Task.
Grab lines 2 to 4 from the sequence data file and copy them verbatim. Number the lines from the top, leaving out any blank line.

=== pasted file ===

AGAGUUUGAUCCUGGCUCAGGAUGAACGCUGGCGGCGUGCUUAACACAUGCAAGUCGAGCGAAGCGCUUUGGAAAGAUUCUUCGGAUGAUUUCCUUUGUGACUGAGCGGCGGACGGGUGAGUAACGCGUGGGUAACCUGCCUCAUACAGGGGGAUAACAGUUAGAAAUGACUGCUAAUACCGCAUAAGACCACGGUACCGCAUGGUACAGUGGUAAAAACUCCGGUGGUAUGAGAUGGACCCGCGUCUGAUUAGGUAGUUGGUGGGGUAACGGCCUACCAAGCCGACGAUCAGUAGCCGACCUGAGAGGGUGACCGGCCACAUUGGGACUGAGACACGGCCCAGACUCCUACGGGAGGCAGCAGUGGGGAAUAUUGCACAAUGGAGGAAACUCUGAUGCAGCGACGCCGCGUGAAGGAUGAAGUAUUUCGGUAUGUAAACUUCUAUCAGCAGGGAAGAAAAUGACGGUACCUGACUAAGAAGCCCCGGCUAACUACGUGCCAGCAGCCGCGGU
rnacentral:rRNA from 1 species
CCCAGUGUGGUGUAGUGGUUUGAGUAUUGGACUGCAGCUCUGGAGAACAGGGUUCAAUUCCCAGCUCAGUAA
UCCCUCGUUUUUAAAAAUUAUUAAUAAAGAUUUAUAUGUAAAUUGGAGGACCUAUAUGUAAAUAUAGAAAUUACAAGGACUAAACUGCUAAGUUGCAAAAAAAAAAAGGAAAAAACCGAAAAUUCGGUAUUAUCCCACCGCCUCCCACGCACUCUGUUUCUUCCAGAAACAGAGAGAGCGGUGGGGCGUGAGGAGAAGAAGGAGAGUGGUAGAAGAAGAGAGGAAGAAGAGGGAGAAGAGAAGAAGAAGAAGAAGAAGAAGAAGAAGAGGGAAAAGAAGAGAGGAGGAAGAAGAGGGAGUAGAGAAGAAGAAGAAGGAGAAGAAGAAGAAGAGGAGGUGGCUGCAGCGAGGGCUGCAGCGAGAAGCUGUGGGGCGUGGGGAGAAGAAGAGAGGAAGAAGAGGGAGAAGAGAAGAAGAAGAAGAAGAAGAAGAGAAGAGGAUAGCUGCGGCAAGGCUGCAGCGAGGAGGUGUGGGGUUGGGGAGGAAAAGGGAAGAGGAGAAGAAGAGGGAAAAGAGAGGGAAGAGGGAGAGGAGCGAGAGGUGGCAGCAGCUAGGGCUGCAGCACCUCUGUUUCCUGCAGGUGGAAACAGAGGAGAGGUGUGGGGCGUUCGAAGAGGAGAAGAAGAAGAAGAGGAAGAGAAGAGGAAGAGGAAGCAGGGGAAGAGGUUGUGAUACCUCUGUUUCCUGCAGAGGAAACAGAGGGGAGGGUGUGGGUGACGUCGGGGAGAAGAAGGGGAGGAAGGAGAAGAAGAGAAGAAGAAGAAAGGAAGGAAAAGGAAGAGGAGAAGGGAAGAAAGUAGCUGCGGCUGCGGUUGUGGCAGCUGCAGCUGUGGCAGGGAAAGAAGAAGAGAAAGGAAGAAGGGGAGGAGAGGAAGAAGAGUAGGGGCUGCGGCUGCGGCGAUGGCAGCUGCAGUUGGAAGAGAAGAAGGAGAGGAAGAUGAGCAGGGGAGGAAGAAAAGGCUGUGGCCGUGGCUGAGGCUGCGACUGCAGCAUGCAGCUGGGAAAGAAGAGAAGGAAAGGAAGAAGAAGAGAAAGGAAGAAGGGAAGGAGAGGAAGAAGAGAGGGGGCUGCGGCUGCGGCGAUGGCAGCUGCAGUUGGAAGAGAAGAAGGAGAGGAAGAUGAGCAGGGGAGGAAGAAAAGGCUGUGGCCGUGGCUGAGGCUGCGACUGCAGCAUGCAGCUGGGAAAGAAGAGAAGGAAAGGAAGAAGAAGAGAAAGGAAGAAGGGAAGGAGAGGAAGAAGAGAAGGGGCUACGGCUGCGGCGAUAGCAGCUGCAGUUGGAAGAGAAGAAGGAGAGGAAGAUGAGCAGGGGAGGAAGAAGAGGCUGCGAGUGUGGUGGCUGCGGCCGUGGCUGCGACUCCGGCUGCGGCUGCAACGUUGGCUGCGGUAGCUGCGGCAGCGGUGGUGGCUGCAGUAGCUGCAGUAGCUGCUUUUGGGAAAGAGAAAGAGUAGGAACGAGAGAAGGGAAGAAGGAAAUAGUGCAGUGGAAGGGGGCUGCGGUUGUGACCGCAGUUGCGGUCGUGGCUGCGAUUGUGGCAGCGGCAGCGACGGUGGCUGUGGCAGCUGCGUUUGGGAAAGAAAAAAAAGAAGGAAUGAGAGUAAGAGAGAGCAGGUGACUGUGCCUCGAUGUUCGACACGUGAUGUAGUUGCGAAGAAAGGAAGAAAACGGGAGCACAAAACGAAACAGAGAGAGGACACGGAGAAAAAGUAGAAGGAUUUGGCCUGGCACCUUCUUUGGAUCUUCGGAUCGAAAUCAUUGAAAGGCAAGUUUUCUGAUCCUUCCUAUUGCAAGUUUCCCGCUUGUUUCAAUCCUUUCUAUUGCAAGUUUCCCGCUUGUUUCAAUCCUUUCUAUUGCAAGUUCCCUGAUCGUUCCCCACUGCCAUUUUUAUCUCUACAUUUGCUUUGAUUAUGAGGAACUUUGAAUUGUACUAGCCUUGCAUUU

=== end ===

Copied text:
rnacentral:rRNA from 1 species
CCCAGUGUGGUGUAGUGGUUUGAGUAUUGGACUGCAGCUCUGGAGAACAGGGUUCAAUUCCCAGCUCAGUAA
UCCCUCGUUUUUAAAAAUUAUUAAUAAAGAUUUAUAUGUAAAUUGGAGGACCUAUAUGUAAAUAUAGAAAUUACAAGGACUAAACUGCUAAGUUGCAAAAAAAAAAAGGAAAAAACCGAAAAUUCGGUAUUAUCCCACCGCCUCCCACGCACUCUGUUUCUUCCAGAAACAGAGAGAGCGGUGGGGCGUGAGGAGAAGAAGGAGAGUGGUAGAAGAAGAGAGGAAGAAGAGGGAGAAGAGAAGAAGAAGAAGAAGAAGAAGAAGAAGAGGGAAAAGAAGAGAGGAGGAAGAAGAGGGAGUAGAGAAGAAGAAGAAGGAGAAGAAGAAGAAGAGGAGGUGGCUGCAGCGAGGGCUGCAGCGAGAAGCUGUGGGGCGUGGGGAGAAGAAGAGAGGAAGAAGAGGGAGAAGAGAAGAAGAAGAAGAAGAAGAAGAGAAGAGGAUAGCUGCGGCAAGGCUGCAGCGAGGAGGUGUGGGGUUGGGGAGGAAAAGGGAAGAGGAGAAGAAGAGGGAAAAGAGAGGGAAGAGGGAGAGGAGCGAGAGGUGGCAGCAGCUAGGGCUGCAGCACCUCUGUUUCCUGCAGGUGGAAACAGAGGAGAGGUGUGGGGCGUUCGAAGAGGAGAAGAAGAAGAAGAGGAAGAGAAGAGGAAGAGGAAGCAGGGGAAGAGGUUGUGAUACCUCUGUUUCCUGCAGAGGAAACAGAGGGGAGGGUGUGGGUGACGUCGGGGAGAAGAAGGGGAGGAAGGAGAAGAAGAGAAGAAGAAGAAAGGAAGGAAAAGGAAGAGGAGAAGGGAAGAAAGUAGCUGCGGCUGCGGUUGUGGCAGCUGCAGCUGUGGCAGGGAAAGAAGAAGAGAAAGGAAGAAGGGGAGGAGAGGAAGAAGAGUAGGGGCUGCGGCUGCGGCGAUGGCAGCUGCAGUUGGAAGAGAAGAAGGAGAGGAAGAUGAGCAGGGGAGGAAGAAAAGGCUGUGGCCGUGGCUGAGGCUGCGACUGCAGCAUGCAGCUGGGAAAGAAGAGAAGGAAAGGAAGAAGAAGAGAAAGGAAGAAGGGAAGGAGAGGAAGAAGAGAGGGGGCUGCGGCUGCGGCGAUGGCAGCUGCAGUUGGAAGAGAAGAAGGAGAGGAAGAUGAGCAGGGGAGGAAGAAAAGGCUGUGGCCGUGGCUGAGGCUGCGACUGCAGCAUGCAGCUGGGAAAGAAGAGAAGGAAAGGAAGAAGAAGAGAAAGGAAGAAGGGAAGGAGAGGAAGAAGAGAAGGGGCUACGGCUGCGGCGAUAGCAGCUGCAGUUGGAAGAGAAGAAGGAGAGGAAGAUGAGCAGGGGAGGAAGAAGAGGCUGCGAGUGUGGUGGCUGCGGCCGUGGCUGCGACUCCGGCUGCGGCUGCAACGUUGGCUGCGGUAGCUGCGGCAGCGGUGGUGGCUGCAGUAGCUGCAGUAGCUGCUUUUGGGAAAGAGAAAGAGUAGGAACGAGAGAAGGGAAGAAGGAAAUAGUGCAGUGGAAGGGGGCUGCGGUUGUGACCGCAGUUGCGGUCGUGGCUGCGAUUGUGGCAGCGGCAGCGACGGUGGCUGUGGCAGCUGCGUUUGGGAAAGAAAAAAAAGAAGGAAUGAGAGUAAGAGAGAGCAGGUGACUGUGCCUCGAUGUUCGACACGUGAUGUAGUUGCGAAGAAAGGAAGAAAACGGGAGCACAAAACGAAACAGAGAGAGGACACGGAGAAAAAGUAGAAGGAUUUGGCCUGGCACCUUCUUUGGAUCUUCGGAUCGAAAUCAUUGAAAGGCAAGUUUUCUGAUCCUUCCUAUUGCAAGUUUCCCGCUUGUUUCAAUCCUUUCUAUUGCAAGUUUCCCGCUUGUUUCAAUCCUUUCUAUUGCAAGUUCCCUGAUCGUUCCCCACUGCCAUUUUUAUCUCUACAUUUGCUUUGAUUAUGAGGAACUUUGAAUUGUACUAGCCUUGCAUUU